Mark 12: An Alternative Exegesis

The other day I heard a striking exegesis of a well known passage in Mark 12.  I have heard numerous sermons preached on these verses, yet, I've never heard this interpretation of it.  So, I'm going to give the brief overview of the exegesis, but first here is Mark 12:38-44.
As he taught, Jesus said, “Watch out for the teachers of the law. They like to walk around in flowing robes and be greeted with respect in the marketplaces, and have the most important seats in the synagogues and the places of honor at banquets.  They devour widows’ houses and for a show make lengthy prayers. These men will be punished most severely.”
Jesus sat down opposite the place where the offerings were put and watched the crowd putting their money into the temple treasury. Many rich people threw in large amounts.  But a poor widow came and put in two very small copper coins, worth only a fraction of a penny. 
Calling his disciples to him, Jesus said, “Truly I tell you, this poor widow has put more into the treasury than all the others.  They all gave out of their wealth; but she, out of her poverty, put in everything—all she had to live on.”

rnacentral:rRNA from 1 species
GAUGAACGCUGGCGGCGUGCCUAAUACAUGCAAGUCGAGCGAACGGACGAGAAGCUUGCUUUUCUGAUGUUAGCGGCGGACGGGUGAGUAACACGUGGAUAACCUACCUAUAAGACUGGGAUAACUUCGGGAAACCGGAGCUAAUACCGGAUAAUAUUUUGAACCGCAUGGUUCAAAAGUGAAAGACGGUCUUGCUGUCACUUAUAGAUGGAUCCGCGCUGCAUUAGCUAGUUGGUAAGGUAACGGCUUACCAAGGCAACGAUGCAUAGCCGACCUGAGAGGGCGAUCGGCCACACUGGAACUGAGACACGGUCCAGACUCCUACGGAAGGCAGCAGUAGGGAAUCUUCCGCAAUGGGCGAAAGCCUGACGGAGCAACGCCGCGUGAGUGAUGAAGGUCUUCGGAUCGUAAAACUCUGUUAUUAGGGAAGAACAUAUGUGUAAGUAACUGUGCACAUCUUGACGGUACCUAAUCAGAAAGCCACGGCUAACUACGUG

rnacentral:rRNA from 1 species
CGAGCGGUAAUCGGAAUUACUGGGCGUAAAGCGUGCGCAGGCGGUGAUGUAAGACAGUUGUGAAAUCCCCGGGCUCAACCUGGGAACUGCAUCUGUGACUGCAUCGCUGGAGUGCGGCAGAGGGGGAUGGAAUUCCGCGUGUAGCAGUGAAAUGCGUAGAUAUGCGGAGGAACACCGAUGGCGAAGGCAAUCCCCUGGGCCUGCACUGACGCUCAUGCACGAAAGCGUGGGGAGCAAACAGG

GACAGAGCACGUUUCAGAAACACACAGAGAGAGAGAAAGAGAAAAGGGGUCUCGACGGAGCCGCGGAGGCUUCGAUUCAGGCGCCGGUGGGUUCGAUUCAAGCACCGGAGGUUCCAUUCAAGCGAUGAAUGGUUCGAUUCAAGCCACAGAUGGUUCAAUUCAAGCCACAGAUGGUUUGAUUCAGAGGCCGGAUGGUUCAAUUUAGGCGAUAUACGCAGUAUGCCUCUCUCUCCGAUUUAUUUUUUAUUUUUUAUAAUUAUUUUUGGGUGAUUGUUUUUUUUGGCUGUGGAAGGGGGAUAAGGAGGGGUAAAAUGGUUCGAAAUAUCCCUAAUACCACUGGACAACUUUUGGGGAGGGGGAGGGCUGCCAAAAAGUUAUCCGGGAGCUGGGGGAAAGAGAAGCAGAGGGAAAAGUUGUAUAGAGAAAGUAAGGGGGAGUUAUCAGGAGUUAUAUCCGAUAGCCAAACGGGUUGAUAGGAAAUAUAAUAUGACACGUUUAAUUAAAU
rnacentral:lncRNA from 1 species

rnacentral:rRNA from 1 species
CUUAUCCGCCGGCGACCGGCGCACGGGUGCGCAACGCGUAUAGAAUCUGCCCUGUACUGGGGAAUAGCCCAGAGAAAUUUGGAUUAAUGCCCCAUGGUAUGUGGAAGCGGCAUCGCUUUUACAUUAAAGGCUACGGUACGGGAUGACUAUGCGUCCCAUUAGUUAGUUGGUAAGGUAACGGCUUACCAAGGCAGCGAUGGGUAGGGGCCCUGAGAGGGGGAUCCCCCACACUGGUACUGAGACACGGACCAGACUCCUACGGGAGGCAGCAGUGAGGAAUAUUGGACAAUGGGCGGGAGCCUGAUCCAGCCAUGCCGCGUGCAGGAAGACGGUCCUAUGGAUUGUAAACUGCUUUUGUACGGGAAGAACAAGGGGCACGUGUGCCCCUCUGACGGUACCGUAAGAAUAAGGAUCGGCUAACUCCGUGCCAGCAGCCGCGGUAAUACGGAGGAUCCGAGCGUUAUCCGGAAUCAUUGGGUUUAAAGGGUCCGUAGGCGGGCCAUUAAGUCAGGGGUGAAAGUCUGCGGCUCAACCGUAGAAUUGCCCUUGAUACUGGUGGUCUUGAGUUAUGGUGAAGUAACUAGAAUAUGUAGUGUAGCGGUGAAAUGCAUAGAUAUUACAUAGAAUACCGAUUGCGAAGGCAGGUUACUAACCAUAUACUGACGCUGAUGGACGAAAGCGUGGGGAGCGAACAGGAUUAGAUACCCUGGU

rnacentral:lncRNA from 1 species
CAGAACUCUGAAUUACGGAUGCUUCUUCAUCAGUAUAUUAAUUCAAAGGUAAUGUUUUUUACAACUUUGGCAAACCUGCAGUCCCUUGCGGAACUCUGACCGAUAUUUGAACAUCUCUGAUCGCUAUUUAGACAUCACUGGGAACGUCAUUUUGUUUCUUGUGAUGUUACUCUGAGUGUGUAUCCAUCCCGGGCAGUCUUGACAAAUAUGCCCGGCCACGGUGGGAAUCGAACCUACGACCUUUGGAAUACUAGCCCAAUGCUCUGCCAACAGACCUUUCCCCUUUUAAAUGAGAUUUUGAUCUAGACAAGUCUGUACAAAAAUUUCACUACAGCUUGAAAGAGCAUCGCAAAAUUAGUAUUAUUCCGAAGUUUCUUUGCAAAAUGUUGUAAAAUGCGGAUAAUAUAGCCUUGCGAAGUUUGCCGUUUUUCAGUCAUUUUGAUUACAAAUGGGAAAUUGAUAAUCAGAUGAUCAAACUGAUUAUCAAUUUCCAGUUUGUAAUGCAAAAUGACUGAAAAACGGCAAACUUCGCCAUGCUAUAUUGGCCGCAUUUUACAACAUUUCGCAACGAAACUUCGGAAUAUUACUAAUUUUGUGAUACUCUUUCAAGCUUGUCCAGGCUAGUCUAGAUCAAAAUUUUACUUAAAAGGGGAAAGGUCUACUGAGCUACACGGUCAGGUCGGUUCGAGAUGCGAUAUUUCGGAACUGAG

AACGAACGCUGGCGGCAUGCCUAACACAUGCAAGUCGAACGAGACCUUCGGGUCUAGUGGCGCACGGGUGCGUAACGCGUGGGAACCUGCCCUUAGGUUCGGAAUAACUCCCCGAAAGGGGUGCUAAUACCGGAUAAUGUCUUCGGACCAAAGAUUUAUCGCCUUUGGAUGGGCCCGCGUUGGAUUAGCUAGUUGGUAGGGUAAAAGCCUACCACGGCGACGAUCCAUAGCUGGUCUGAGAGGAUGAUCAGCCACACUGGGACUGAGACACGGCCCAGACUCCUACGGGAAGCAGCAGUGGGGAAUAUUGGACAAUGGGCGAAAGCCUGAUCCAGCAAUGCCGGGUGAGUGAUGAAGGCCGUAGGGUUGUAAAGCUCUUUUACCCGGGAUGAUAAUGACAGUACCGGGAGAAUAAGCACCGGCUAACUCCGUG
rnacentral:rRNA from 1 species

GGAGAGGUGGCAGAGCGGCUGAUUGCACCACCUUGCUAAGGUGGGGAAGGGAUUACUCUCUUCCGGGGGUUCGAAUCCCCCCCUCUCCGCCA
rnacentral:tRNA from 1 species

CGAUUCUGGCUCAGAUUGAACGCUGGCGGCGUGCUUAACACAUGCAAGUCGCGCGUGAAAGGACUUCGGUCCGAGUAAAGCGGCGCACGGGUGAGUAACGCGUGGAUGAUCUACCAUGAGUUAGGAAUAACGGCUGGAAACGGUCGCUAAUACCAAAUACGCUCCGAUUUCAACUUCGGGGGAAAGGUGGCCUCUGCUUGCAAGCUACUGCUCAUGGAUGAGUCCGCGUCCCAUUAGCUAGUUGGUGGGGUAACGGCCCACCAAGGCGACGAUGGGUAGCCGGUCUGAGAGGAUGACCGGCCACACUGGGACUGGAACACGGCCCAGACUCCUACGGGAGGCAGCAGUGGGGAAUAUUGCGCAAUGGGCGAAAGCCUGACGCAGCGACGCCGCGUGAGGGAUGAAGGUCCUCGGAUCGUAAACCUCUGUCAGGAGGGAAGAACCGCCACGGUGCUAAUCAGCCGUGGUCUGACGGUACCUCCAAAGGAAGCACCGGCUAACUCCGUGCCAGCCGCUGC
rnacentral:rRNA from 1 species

The passage is familiar.  The question posed is, what is Jesus saying about the widow? After hearing the exegesis the other day I would conclude that the passage has little to do with the widow!  Rather, it's about the corruption of the Temple and the "teachers of the law".

First, Jesus warns the disciples about the teachers of the law: those who wear wealthy attire, and sit in prominent positions in synagogues and banquets. Why?  Because they "devour widows' houses".  In other words, they care nothing for the poor and in fact, contribute to the poor's demise.  It's these people, who are associated with the temple, that will be punished severely!

Then Jesus goes "across the street" from the offerings and sits down watching as the rich put their wealth into the offering for the temple.  A poor widow comes along soon and puts in her 2 pennies, all that she has.  Jesus gathers his disciples and - contrary to popular Bible teaching - does not commend the widow on her faith, but points to the issue within the temple system.  This widow gave everything, and now she has nothing to live on and the teachers of the law, from the temple, will do nothing to help her.

The immediately following verses are Mark 13, which is Jesus prophecy regarding the destruction of the temple.  While the disciples marvel, Jesus is left unmoved, "Not one stone will be left on another."